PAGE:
Reflecting on 1 Corinthians for the Third Sunday of Lent

From First Corinthians by George T. Montague, SM, commenting on I Corinthians 10:1-4:

Now let us look at each of these elements in turn. The cloud is a classic symbol in the Old Testament for the presence of God. A cloud led the people by day and concealed them at night as they made their way to the Red Sea (Exod 13:21–22; 14:19–20; Ps 105:39). The Lord came down in a cloud over Mount Sinai at the time of sealing the covenant with his people (Exod 19:16; 24:15, 18). When Moses built the tabernacle, the cloud came down and overshadowed it, and “the glory of the Lord filled the Dwelling” (Exod 40:34–35). Paul sees the cloud of the exodus as a prefigurement of the Holy Spirit, whom Christians receive when they are baptized. And as the Israelites crossed the sea to freedom, Christians have escaped the tyranny of sin and death through the waters of baptism.

The expression baptized into Moses would make no sense apart from its parallel “baptized into Christ.” Paul sees the New Testament fulfillment already present in the Old Testament type: it was only in being united to Moses that the people escaped Egypt, just as it is only in being united to Jesus that one is saved (1 Cor 12:13). As the manna was spiritual food in the sense that it was not the product of human hands but a sheer gift from heaven, so the Eucharist is spiritual food, and not only because it is a heavenly gift but also, being the body of Christ, it is the source of the Holy Spirit (1 Cor 6:17; 12:13; 15:45). This typology has furnished the Church with a rich source for theology of the sacraments.

The spiritual drink of which the Israelites partook was the water that flowed from the rock when struck by Moses (Exod 17:1–7; Num 20:2–13). It was spiritual in the sense that it was miraculously provided by God. The fulfillment is in the Holy Spirit, as Paul makes explicit in 12:13: “We were all given to drink of one Spirit.” In this Paul reflects the same theme found in the Gospel of John: “Whoever drinks the water I shall give will never thirst; the water I shall give will become in him a spring of water welling up to eternal life” (4:14). “ ‘Let anyone who thirsts come to me and drink. Whoever believes in me, as scripture says: “Rivers of living water will flow from within him.” ’ He said this in reference to the Spirit that those who came to believe in him were to receive” (7:37–39). And most graphically, when the soldier pierced Jesus’ side after his death on the cross, “blood and water flowed out” (19:34).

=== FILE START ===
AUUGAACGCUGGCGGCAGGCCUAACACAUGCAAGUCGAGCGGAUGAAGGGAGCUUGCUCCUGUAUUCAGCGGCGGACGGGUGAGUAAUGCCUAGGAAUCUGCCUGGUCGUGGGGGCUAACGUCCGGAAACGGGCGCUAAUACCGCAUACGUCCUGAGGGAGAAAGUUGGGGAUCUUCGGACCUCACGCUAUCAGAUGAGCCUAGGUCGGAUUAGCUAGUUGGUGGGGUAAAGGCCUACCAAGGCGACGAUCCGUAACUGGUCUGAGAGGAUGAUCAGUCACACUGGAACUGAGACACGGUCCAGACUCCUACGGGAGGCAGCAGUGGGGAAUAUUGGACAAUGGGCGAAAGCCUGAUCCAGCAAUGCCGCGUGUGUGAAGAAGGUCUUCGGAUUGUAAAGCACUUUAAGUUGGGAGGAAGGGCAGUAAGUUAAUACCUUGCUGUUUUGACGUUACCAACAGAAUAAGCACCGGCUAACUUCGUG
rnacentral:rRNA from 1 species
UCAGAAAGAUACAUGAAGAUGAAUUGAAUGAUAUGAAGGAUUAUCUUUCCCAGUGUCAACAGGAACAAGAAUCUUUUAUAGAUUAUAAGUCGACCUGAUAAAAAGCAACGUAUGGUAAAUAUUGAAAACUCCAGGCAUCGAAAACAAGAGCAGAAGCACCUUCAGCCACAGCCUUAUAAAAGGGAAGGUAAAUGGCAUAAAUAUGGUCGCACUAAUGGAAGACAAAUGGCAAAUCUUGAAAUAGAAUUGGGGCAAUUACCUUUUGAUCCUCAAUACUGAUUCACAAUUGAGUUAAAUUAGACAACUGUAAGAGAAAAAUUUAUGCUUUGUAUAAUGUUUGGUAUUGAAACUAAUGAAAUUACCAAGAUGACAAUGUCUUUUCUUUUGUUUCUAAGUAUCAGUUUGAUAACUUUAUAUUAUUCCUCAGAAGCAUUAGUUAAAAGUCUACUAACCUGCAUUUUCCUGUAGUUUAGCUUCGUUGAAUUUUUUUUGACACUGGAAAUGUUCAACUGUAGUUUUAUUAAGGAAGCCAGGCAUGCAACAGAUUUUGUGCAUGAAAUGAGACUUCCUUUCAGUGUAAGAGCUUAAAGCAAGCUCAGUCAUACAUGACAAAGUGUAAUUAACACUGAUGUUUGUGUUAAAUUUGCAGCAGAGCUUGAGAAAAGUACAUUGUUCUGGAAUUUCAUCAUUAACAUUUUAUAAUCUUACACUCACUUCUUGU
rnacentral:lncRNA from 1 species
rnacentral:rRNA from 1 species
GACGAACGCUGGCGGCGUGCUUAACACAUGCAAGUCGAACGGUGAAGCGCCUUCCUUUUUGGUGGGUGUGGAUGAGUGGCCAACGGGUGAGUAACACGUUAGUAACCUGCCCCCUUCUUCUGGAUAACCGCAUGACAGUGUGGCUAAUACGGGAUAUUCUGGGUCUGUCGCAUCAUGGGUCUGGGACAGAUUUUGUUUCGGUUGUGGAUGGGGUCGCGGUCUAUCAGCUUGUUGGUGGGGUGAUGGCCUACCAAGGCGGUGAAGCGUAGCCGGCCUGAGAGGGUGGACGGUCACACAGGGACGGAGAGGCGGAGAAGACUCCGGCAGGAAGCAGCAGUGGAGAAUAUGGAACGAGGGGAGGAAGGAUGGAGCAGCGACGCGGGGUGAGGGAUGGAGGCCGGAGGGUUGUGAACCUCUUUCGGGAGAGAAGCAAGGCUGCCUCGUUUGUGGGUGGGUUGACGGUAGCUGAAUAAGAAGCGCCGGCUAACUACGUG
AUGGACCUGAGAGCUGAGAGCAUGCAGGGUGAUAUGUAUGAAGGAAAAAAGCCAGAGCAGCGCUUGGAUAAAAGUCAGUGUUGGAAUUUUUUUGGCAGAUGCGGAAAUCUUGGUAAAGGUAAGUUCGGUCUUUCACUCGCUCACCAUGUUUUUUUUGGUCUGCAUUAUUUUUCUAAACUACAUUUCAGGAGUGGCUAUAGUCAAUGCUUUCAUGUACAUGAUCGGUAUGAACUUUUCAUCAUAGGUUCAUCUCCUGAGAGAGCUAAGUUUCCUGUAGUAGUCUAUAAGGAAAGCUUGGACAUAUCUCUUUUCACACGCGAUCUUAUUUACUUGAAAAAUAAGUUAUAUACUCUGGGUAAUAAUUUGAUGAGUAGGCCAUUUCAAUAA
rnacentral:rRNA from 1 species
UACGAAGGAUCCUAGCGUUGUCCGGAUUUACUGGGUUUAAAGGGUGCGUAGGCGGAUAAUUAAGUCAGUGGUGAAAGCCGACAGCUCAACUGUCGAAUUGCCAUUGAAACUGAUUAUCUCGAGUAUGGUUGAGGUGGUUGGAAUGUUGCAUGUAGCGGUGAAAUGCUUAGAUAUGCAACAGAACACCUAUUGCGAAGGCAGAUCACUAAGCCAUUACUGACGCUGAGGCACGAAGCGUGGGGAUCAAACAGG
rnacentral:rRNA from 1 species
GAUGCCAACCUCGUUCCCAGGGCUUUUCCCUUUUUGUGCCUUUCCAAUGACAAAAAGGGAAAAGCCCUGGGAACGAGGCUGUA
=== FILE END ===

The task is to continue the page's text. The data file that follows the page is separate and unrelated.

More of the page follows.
John’s linking of blood to water may symbolize the Eucharist along with baptism and the Holy Spirit. So it is also possible that the spiritual drink of which Paul speaks may at least hint at the eucharistic blood of Christ. As Chrysostom comments, “The same Person brought them through the sea and you through baptism; and before them set the manna, but before you his body and blood.”

© 2011 George T. Montague and Baker Academic. Unauthorized use of this material without express written permission is strictly prohibited.

Reflecting on 1 Corinthians for the Fifth Sunday in Ordinary Time

From First Corinthians by George T. Montague, SM, commenting on I Corinthians 15:1-11

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After adding his own testimony to the creedal recital, Paul is keenly aware of how his calling differed from that of the others mentioned. He had persecuted the church of God, and that should have made him unfit to be an apostle. But as the First Letter to Timothy will explain, “I was mercifully treated, so that in me, as the foremost, Christ Jesus might display all his patience as an example for those who would come to believe in him for everlasting life” (1 Tim 1:16).

God often calls the most unlikely, as he has done with the Corinthians (1 Cor 1:26–31). Not only did Paul not have good works of which he might have boasted (Phil 3:4–6); he also was the worst of sinners for having persecuted Jesus in his members (1 Tim 1:15). Hence he can say it is only by the grace of God that I am what I am. And that grace has continued to work in his life. He first says in a self-effacing way, His grace to me has not been ineffective, but then in a positive way he says he has toiled harder than all of them (the other apostles and evangelists).

He is not holding himself above the others, because whatever he has been able to do has been by the grace of God [that is] with me. After this brief expansion on his own ministry, Paul returns to the point made in 15:1—the one gospel that he handed on to them and they received. The apostolic witness to the resurrection of Jesus is not divided: whether it be I or they, so we preach and so you believed.

© 2011 George T. Montague and Baker Academic. Unauthorized use of this material without express written permission is strictly prohibited.